Field of Science

The Site is Dead, Long Live the Site

I'm moving house.

Over the past few years, Blogger has become somewhat less user-friendly behind the scenes. Nothing major, and certainly nothing I'm going to bore you with here, but enough that I've finally decided to take the step of breaking out and moving to my own site: This site will incorporate material from both Catalogue of Organisms and Variety of Life, progressively merging them into a single guide to global biodiversity. Posts from both blogs have already been migrated over, though now I have the long task of editing and updating them to match the new format. In the meantime, check out the page on Prostigmata to get an idea of what I'm planning to do. New content will also be appearing regularly.

Thank you for reading Catalogue of Organisms, and I hope to see you in the new digs!

Bouncing Snail-y Clams

For the most part, bivalves are a fairly conservative bunch. They seem to have worked out what they are good at early on in their history and most of them stick to it. There are, however, notable exceptions and perhaps few groups of bivalves are as exceptional as the Galeommatidae.

Waldo paucitentaculatus, from Valentich-Scott et al. (2013).

Galeommatids are small bivalves, less than a centimetre in length, with more or less thin shells. The hinge teeth are generally weak or absent. The valves of the shell are more or less gaping and in life are at least partially covered by the large, reflected mantle. The outer surface of the mantle is warty and bears several slender tentacles, the exact arrangement of tentacles varying by species. The foot is large and extends well outwards from the central body of the animal. In the most extreme cases, you might be forgiven for thinking you were looking at some sort of snail rather than a clam.

Many galeommatids have been found living as symbionts with other invertebrates such as in the burrows of annelids and crustaceans, or crawling on the surface of echinoderms. So far as is known, these relationships are commensal only, the clams using their hosts as a source of shelter and possibly excess food scraps, but species may be very exclusive in their choice of hosts. For instance, Mikkelsen & Bieler (1989) found the species Divariscintilla yoyo and D. troglodytes only in burrows of the mantis shrimp Lysiosquilla scabricauda, never in burrows of other potential hosts in the same area. It seems likely that this commensalism has allowed galeommatids to diversify in soft-bottom habitats, their larger hosts being able to dig into sediments in which the smaller clams would be quickly smothered (Valentich-Scott et al. 2013).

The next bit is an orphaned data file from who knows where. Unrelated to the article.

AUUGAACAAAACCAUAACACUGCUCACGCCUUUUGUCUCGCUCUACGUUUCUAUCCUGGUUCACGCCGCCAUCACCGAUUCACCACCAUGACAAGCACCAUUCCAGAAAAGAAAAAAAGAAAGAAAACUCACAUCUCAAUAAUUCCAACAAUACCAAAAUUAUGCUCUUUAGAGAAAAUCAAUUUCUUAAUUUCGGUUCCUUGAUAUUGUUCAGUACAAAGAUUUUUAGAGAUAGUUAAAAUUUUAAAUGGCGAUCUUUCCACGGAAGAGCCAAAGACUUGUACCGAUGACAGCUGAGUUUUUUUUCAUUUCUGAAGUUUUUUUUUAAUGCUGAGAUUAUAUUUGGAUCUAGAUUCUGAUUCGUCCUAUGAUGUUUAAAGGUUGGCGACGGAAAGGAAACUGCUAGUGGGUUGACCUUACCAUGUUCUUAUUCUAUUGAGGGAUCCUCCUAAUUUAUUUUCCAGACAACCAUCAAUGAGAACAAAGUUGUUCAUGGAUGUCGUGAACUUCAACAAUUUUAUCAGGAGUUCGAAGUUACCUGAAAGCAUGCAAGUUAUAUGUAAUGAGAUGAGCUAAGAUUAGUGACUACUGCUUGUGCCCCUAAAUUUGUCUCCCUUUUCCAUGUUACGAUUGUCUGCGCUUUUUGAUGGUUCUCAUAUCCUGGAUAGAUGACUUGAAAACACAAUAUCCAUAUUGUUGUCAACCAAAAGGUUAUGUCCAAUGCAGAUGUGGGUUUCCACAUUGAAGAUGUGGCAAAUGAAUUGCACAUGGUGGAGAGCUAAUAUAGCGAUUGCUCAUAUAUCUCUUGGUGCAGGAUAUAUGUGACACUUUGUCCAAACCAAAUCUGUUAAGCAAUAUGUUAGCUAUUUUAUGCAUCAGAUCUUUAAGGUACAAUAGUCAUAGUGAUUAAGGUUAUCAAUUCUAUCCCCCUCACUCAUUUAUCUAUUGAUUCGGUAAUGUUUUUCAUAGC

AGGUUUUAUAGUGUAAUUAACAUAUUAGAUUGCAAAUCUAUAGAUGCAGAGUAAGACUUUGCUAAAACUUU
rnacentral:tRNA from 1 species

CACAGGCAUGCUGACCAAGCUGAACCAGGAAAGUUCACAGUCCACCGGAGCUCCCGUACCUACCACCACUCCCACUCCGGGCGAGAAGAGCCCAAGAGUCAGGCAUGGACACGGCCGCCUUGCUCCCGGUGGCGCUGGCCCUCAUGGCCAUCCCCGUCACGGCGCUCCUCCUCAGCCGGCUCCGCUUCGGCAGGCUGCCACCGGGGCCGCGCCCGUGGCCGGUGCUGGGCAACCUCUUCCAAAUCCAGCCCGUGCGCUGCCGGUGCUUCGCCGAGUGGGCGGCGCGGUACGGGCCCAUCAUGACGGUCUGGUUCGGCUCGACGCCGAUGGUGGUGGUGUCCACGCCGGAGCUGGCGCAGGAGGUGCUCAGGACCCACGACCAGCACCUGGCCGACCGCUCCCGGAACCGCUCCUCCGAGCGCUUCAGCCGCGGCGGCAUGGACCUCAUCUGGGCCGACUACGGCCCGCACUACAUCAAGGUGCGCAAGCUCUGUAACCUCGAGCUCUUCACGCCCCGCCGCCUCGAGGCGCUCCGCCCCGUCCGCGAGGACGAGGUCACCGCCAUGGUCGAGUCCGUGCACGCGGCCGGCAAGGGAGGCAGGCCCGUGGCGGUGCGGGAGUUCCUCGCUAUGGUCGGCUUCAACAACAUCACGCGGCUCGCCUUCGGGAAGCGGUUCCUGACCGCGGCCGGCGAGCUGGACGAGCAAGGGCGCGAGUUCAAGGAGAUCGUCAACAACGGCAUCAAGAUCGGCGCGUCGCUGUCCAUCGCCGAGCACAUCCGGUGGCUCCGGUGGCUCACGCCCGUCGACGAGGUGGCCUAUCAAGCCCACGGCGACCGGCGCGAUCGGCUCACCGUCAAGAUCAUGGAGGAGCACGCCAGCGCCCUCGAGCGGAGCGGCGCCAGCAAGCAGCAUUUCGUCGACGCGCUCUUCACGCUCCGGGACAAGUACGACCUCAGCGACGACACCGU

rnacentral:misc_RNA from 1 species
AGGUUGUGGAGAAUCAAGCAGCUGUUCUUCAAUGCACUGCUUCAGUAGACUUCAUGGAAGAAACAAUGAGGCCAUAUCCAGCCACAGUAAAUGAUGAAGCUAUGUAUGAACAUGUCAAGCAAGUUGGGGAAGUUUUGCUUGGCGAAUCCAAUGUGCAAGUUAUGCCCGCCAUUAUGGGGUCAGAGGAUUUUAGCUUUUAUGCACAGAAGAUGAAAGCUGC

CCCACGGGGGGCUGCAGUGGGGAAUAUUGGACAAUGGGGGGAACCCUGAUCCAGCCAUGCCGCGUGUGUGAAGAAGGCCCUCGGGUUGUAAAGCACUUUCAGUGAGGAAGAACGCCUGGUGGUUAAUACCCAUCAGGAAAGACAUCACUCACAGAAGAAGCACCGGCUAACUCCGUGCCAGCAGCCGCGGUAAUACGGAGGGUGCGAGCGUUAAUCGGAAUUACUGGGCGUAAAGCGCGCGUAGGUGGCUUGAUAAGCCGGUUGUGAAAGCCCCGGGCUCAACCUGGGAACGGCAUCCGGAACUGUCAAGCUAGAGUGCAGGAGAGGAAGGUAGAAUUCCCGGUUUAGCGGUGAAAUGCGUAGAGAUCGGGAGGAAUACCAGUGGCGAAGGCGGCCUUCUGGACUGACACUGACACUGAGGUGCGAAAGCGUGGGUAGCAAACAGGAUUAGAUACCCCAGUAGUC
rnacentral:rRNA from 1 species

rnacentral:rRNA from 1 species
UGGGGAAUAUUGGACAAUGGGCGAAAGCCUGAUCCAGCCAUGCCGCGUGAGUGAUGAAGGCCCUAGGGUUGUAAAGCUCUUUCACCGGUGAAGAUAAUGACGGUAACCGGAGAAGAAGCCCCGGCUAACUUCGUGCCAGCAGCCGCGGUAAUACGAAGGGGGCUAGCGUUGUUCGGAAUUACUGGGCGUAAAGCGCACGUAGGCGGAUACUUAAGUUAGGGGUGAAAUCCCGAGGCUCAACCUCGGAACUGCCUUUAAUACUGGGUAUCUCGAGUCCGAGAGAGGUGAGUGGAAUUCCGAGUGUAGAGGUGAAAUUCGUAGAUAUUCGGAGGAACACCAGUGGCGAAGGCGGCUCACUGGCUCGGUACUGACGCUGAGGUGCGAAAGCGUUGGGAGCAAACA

Unidentified galeommatid, copyright Ria Tan.

Many galeommatids possess a distinctive 'hanging-foot' morphology with the foot divided into two sections, a muscular anterior portion adapted for snail-like crawling, and an elastic posterior section (Bieler & Mikkelsen 1992). The primary byssus gland is located in the anterior section and is connected by a ciliated ventral groove to a terminal adhesive gland in the posterior section. Mikkelsen & Bieler (1989) found that Divariscintilla individuals kept in an aquarium spent most of their time hanging suspended via the posterior part of the foot. Threads produced by the byssus gland were transferred to the terminal adhesor and used to attach to a surface such as the glass of the aquarium (presumably, the clams would normally hang in this manner on the interior wall of the host burrow). When disturbed, hanging clams would rapidly bounce themselves up and down from their attachment point (hence one species being dubbed 'Divariscintilla yoyo'). If the clams wished to change their location, they would crawl on the muscular section of the foot, breaking the byssus threads behind them. The elastic part of the foot was not functional in crawling.

The majority of galeommatid clams are hermaphrodites, either protandrous (beginning life as males before maturing into females) or simultaneous. Eggs are not released into the water column but brooded within the ctenidia until larvae are released at a relatively advanced stage of development (whether the parent is able to feed while its gills are so occupied, I don't know). In a number of species, dwarf males are also present that do not live independently but reside within the mantle cavity of a female (I have seen these males referred to as 'parasitic' but I do not know if they are directly so). In this position, they are able to fertilise the female directly. Such behaviour may be seen as a further adaptation to the clam's commensal lifestyle, contained within the burrow of its host and potentially secluded from more conventional mates. Hidden away in the darkness, they make matryoshkas of themselves.


Bieler, R., & P. M. Mikkelsen. 1992. Preliminary phylogenetic analysis of the bivalve family Galeommatidae. American Malacological Bulletin 9 (2): 157–164.

Mikkelsen, P. M., & R. Bieler. 1989. Biology and comparative anatomy of Divariscintilla yoyo and D. troglodytes, two new species of Galeommatidae (Bivalvia) from stomatopod burrows in eastern Florida. Malacologia 31 (1): 175–195.

Valentich-Scott, P., D. Ó. Foighil & J. Li. 2013. Where's Waldo? A new commensal species, Waldo arthuri (Mollusca, Bivalvia, Galeommatidae) from the northeastern Pacific Ocean. ZooKeys 316: 67–80.

Paramesochra acutata